- Andrea Adelson, ESPN Staff Writer
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Virginia Tech fans hoping to erase memories of the 2012 season may have a difficult time when 2013 kicks off.
Say hello to Alabama.
Not exactly an ideal way to start fresh. The Hokies are coming off their worst season in 20 years. Alabama is coming off its third national title in four years. I most certainly applaud Virginia Tech for taking the challenge in the Chick-fil-A Kickoff Game in Atlanta against the Tide. Nothing wrong with playing the best.
And while the Tide are not indestructible (see A&M, Texas), they pose the toughest test for the Hokies since opening 2009 against No. 5 Alabama. (And no, I did not forget about No. 3 Boise State in 2010). Of course, Virginia Tech was better the last time it played the Tide -- going into the game with a No. 7 ranking.
Virginia Tech is not expected to be ranked in the preseason Top 25 this time around.
So, you can bet the Hokies will go into the game as major underdogs, regardless of what happens with Logan Thomas and potential offensive staff changes. Alabama will return at least 12 starters, depending on decisions a few underclassmen are going to make about the NFL.
Among those the Hokies will see: quarterback AJ McCarron, running back T.J. Yeldon and receiver Amari Cooper. All three were outstanding in their decisive win against Notre Dame in the Discover BCS National Championship.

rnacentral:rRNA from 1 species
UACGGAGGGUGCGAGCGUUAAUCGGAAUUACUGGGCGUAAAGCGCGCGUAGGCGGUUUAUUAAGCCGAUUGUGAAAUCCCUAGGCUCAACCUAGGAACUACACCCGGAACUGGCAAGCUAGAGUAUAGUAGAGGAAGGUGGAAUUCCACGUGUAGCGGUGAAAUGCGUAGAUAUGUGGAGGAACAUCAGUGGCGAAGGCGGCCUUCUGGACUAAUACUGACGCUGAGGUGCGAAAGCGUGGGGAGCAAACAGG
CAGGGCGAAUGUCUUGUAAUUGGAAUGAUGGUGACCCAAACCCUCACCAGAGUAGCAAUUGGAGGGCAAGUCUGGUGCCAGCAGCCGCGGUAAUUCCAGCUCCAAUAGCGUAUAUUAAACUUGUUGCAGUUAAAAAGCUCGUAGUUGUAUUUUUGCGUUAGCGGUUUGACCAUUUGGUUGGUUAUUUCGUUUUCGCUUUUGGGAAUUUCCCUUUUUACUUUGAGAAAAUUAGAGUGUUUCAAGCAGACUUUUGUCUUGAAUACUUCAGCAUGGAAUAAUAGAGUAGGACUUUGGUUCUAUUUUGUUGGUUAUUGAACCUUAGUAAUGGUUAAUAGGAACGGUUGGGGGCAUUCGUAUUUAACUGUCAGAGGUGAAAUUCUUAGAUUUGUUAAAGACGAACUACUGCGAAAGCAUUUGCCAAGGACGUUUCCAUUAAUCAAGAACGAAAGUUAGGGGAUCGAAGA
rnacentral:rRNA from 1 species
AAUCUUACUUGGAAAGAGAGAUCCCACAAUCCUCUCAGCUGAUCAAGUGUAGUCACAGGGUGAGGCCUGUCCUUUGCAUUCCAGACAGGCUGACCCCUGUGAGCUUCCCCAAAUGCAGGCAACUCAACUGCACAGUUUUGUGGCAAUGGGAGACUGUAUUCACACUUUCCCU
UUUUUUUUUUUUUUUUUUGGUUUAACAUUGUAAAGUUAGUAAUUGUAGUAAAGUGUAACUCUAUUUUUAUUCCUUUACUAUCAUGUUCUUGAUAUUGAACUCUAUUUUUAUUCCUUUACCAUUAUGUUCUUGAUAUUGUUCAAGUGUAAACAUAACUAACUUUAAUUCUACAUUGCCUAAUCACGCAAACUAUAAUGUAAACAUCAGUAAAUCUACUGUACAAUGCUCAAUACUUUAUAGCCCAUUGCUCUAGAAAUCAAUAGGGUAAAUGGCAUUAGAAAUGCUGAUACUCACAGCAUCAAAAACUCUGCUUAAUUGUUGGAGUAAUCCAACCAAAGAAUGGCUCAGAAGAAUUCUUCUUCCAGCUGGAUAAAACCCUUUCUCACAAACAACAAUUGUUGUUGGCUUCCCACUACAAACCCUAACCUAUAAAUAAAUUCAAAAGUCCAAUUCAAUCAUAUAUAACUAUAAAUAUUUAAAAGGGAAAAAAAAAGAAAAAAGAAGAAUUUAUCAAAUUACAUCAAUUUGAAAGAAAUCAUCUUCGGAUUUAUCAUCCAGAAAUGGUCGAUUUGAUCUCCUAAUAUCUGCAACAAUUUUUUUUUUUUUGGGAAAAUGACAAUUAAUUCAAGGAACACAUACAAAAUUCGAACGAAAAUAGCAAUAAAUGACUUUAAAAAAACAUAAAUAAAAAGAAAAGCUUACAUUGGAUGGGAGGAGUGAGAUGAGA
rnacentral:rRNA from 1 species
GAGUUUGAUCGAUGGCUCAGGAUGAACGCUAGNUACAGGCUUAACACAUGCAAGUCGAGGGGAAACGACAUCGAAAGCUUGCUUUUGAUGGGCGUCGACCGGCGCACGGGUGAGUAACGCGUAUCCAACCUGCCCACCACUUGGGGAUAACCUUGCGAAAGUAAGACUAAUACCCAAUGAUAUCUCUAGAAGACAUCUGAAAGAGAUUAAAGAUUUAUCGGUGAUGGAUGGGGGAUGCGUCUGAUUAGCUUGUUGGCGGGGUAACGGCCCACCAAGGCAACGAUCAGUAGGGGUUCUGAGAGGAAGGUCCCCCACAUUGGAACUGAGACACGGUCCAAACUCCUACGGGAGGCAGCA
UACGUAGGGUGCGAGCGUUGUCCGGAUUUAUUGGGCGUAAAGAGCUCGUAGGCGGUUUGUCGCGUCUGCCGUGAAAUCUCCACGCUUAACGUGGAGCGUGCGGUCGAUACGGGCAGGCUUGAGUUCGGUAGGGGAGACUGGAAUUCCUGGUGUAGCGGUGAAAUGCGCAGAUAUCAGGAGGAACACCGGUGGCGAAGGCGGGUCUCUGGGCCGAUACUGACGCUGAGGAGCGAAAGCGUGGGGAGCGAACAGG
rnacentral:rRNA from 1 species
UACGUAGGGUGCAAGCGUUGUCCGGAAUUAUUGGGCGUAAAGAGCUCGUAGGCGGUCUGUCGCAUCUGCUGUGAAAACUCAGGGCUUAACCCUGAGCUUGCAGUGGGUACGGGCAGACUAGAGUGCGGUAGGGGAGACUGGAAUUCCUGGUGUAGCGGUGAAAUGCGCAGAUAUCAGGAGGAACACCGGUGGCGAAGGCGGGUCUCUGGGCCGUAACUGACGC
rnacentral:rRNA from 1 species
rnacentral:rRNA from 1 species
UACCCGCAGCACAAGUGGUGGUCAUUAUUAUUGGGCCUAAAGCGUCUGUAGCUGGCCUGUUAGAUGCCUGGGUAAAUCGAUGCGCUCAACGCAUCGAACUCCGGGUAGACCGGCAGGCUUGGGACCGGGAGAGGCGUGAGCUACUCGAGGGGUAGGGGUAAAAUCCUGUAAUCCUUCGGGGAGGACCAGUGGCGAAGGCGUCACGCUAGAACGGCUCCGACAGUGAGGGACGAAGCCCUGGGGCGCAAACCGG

So what will it take for the Hokies to have any shot at the upset? Based off what we saw Monday night, here are three observations:
First and foremost: Tackle. The Irish were absolutely abysmal in this one basic skill Monday night. Now granted, Eddie Lacy and Yeldon are bears to bring down, but when you have a guy wrapped, you have to finish. Virginia Tech had its share of missed tackles in 2012, so this is an area it must improve.
Secondly, its offensive line is going to have to play light years better than it did at any point during 2012. Alabama physically dominated Notre Dame on both the offensive and defensive lines, exposing the Irish in embarrassing ways. If the Hokies cannot hold their own up front, they are going to be in for a long day.
Finally, they must convert on third down. This is an area the Hokies struggled in this past season, ranking No. 77 in the nation with a 38 percent conversion rate. A huge reason why the Irish could not stay in the game -- they could not stay on the field. Notre Dame ended up converting 2-of-8 third-down attempts. Alabama, on the other hand, converted 8-of-13 third downs.
Plenty will happen between now and Aug. 31, but it is a pretty safe bet Alabama will go into the game as the No. 1 team in the nation. Virginia Tech has a lot of improving to do between now and then.
9hTom VanHaaren and Erik McKinney
1dEdward Aschoff and Alex Scarborough
2dDan Murphy and Mitch Sherman